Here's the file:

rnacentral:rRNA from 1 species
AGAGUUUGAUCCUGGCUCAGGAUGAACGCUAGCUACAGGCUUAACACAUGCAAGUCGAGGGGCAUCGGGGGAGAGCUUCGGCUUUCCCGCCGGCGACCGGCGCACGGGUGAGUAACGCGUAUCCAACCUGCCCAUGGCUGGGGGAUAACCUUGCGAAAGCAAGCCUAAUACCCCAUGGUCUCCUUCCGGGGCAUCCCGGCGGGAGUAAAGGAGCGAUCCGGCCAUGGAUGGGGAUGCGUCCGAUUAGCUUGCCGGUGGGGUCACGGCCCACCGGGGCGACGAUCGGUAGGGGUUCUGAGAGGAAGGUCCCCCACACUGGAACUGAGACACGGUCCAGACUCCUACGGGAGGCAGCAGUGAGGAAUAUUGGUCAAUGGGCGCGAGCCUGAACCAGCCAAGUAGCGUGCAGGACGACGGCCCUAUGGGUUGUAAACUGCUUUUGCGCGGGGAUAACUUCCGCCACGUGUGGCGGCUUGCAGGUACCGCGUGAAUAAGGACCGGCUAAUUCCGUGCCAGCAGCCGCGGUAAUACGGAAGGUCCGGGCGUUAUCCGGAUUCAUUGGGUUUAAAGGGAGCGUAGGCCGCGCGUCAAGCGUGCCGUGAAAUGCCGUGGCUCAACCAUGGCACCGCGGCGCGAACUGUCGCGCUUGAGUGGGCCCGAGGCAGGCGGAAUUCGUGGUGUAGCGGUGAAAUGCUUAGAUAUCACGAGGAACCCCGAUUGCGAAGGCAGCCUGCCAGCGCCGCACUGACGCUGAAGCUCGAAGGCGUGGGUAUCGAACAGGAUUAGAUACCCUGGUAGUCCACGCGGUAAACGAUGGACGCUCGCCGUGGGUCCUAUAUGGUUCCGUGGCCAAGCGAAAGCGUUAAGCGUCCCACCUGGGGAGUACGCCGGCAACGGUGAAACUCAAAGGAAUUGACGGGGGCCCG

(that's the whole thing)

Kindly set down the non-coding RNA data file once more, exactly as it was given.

rnacentral:rRNA from 1 species
AGAGUUUGAUCCUGGCUCAGGAUGAACGCUAGCUACAGGCUUAACACAUGCAAGUCGAGGGGCAUCGGGGGAGAGCUUCGGCUUUCCCGCCGGCGACCGGCGCACGGGUGAGUAACGCGUAUCCAACCUGCCCAUGGCUGGGGGAUAACCUUGCGAAAGCAAGCCUAAUACCCCAUGGUCUCCUUCCGGGGCAUCCCGGCGGGAGUAAAGGAGCGAUCCGGCCAUGGAUGGGGAUGCGUCCGAUUAGCUUGCCGGUGGGGUCACGGCCCACCGGGGCGACGAUCGGUAGGGGUUCUGAGAGGAAGGUCCCCCACACUGGAACUGAGACACGGUCCAGACUCCUACGGGAGGCAGCAGUGAGGAAUAUUGGUCAAUGGGCGCGAGCCUGAACCAGCCAAGUAGCGUGCAGGACGACGGCCCUAUGGGUUGUAAACUGCUUUUGCGCGGGGAUAACUUCCGCCACGUGUGGCGGCUUGCAGGUACCGCGUGAAUAAGGACCGGCUAAUUCCGUGCCAGCAGCCGCGGUAAUACGGAAGGUCCGGGCGUUAUCCGGAUUCAUUGGGUUUAAAGGGAGCGUAGGCCGCGCGUCAAGCGUGCCGUGAAAUGCCGUGGCUCAACCAUGGCACCGCGGCGCGAACUGUCGCGCUUGAGUGGGCCCGAGGCAGGCGGAAUUCGUGGUGUAGCGGUGAAAUGCUUAGAUAUCACGAGGAACCCCGAUUGCGAAGGCAGCCUGCCAGCGCCGCACUGACGCUGAAGCUCGAAGGCGUGGGUAUCGAACAGGAUUAGAUACCCUGGUAGUCCACGCGGUAAACGAUGGACGCUCGCCGUGGGUCCUAUAUGGUUCCGUGGCCAAGCGAAAGCGUUAAGCGUCCCACCUGGGGAGUACGCCGGCAACGGUGAAACUCAAAGGAAUUGACGGGGGCCCG